Ohio State, Michigan are Big Ten’s best for time being
BY HERB GOULD Staff Reporter September 17, 2013 10:17PM
Ohio State coach Urban Meyer, center watches from the sideline during the second half of an NCAA college football game against California, Saturday, Sept. 14, 2013, in Berkeley, Calif. (AP Photo/Ben Margot) ORG XMIT: CABM116
Updated: September 18, 2013 3:56PM
Three games in, nine games to go. Time for your Big Ten quarterly report.
Ohio State remains the best blue-chip bet. But don’t be fooled by Wisconsin’s goofy loss at Arizona State. If the Badgers’ offensive line can avoid bumping into the quarterback, they have serious growth potential.
What the Buckeyes are doing with Kenny Guiton stepping in for Braxton Miller shows they know how to dot the ‘‘i.’’ And with suspended tailback Carlos Hyde, who ran for 970 yards last year, set to make his 2013 debut against Wisconsin on Sept. 28, Ohio State is positioned to be very productive.
But the league hasn’t seen a better runner than sophomore Melvin Gordon, the latest in Wisconsin’s long line of stud ball-carriers. He and senior James White give the Badgers the best 1-2 rushing combination in the conference. And senior linebacker Chris Borland is going to play on Sundays for a long time.
The biggest movers? Illinois, which seemed to be in deep trouble, is up. Nebraska, with another defensive meltdown against UCLA on Saturday, is down.
Coach Tim Beckman looks like he’ll have no problem refinancing in Champaign, where progress is the most important product. In Lincoln, where big things are expected, Nebraska’s pattern of underachieving leaves Bo Pelini vulnerable to a hostile takeover.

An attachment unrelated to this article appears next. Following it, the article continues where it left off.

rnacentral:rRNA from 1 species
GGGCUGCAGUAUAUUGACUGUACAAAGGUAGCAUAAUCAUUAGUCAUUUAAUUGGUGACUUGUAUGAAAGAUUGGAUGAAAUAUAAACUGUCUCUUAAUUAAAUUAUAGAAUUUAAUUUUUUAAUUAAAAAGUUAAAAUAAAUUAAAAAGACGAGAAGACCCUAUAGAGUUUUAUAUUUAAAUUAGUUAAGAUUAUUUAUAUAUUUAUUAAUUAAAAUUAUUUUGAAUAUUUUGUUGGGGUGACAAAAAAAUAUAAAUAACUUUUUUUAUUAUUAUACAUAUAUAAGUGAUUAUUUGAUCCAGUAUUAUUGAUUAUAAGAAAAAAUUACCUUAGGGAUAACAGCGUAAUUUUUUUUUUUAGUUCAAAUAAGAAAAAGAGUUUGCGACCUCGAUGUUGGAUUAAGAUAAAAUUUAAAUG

1. Ohio State: The clear front-runner based on personnel and coaching. Must prove it in league opener against Wisconsin and on Oct. 5 trip to Northwestern.
2. Wisconsin: Don’t read too much into bizarre Arizona State finish. Gary Andersen is off to an encouraging start with the stocked cupboard he inherited.
3. Penn State: Central Florida loss exposed some flaws. But bowl-banned Nittany Lions still will win their share in league play. Bill O’Brien will play the cards he’s holding extremely well.
4. Illinois: The defense, which is 115th (out of 123 teams) in the nation in yards allowed (492.7), qualifies for disaster relief. But new coordinator Bill Cubit has fashioned an offense that gives Illinois a chance to steal some games.
5. Indiana: Hoosiers’ offense is potent. But the defense is a big question mark. Young Hoosiers still have things to learn.
6. Purdue: Pumped up performance against flat Notre Dame rates a few toots of the steam whistle. But an offense that’s last in the league in scoring (17 ppg) and 116th in the nation in total offense spells trouble.
1. Michigan: Don’t read too much into Akron escape. Irish were flat, too, after the Notre Dame-Michigan showdown. Wolverines’ act might not play on national stage yet, but it’ll do just fine in the Midwest.
2. Northwestern: Wildcats are first in Big Ten red-zone offense and last in red-zone defense. How far can they go with another fun offense and hold-your-breath defense — and a testing schedule?
3. Michigan State: A little offense could go a long way. The Spartans’ defense is second in the Big Ten in points allowed (12) behind Wisconsin (10.7). Problem is, a little offense is what MSU has. It’s 11th in Big Ten total offense and 84th in the nation.
4. Nebraska: The pressure’s only going to build in Lincoln, where the fire-Bo-Pelini bandwagon is getting crowded. That pressure could make the Huskers better — or worse.
5. Iowa: This edition of the Hawkeyes is not up to Kirk Ferentz’s usual standards. They’ll go as far as junior fullback Mark Weisman and defense can take them.
6. Minnesota: Things are looking up, but Gophers’ lightweight nonconference schedule makes it difficult to say how much they’re up.
1. Ohio State (3-0)
2. Michigan (3-0)
3. Wisconsin (2-1)
4. Northwestern (3-0)
5. Michigan State (3-0)
6. Nebraska (2-1)
7. Penn State (2-1)
8. Iowa (2-1)
9. Minnesota (3-0)
10. Illinois (2-1)
11. Indiana (2-1)
12. Purdue (1-2)